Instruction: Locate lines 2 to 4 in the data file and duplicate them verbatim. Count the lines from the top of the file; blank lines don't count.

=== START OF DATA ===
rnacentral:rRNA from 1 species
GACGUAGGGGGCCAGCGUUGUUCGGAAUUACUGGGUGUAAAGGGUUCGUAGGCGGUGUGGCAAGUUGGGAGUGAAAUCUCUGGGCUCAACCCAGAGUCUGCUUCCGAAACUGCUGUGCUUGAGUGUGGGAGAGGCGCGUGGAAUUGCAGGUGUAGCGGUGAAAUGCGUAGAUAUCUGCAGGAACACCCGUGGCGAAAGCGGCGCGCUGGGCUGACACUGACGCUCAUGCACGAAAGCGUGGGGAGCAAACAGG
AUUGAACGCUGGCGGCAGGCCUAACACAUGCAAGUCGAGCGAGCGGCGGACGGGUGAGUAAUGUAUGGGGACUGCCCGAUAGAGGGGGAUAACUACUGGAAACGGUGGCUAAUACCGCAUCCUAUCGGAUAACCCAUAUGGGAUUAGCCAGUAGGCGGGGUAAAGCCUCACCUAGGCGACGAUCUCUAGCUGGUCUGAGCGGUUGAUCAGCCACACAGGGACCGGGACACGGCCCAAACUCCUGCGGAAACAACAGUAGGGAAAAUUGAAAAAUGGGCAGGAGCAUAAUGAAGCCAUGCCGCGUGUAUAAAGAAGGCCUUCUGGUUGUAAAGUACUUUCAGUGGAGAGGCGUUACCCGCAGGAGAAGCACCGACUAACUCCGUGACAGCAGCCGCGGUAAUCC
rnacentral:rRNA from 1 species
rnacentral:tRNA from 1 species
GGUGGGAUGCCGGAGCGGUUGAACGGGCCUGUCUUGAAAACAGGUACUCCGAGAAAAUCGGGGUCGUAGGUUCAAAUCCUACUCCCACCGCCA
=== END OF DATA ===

GACGUAGGGGGCCAGCGUUGUUCGGAAUUACUGGGUGUAAAGGGUUCGUAGGCGGUGUGGCAAGUUGGGAGUGAAAUCUCUGGGCUCAACCCAGAGUCUGCUUCCGAAACUGCUGUGCUUGAGUGUGGGAGAGGCGCGUGGAAUUGCAGGUGUAGCGGUGAAAUGCGUAGAUAUCUGCAGGAACACCCGUGGCGAAAGCGGCGCGCUGGGCUGACACUGACGCUCAUGCACGAAAGCGUGGGGAGCAAACAGG
AUUGAACGCUGGCGGCAGGCCUAACACAUGCAAGUCGAGCGAGCGGCGGACGGGUGAGUAAUGUAUGGGGACUGCCCGAUAGAGGGGGAUAACUACUGGAAACGGUGGCUAAUACCGCAUCCUAUCGGAUAACCCAUAUGGGAUUAGCCAGUAGGCGGGGUAAAGCCUCACCUAGGCGACGAUCUCUAGCUGGUCUGAGCGGUUGAUCAGCCACACAGGGACCGGGACACGGCCCAAACUCCUGCGGAAACAACAGUAGGGAAAAUUGAAAAAUGGGCAGGAGCAUAAUGAAGCCAUGCCGCGUGUAUAAAGAAGGCCUUCUGGUUGUAAAGUACUUUCAGUGGAGAGGCGUUACCCGCAGGAGAAGCACCGACUAACUCCGUGACAGCAGCCGCGGUAAUCC
rnacentral:rRNA from 1 species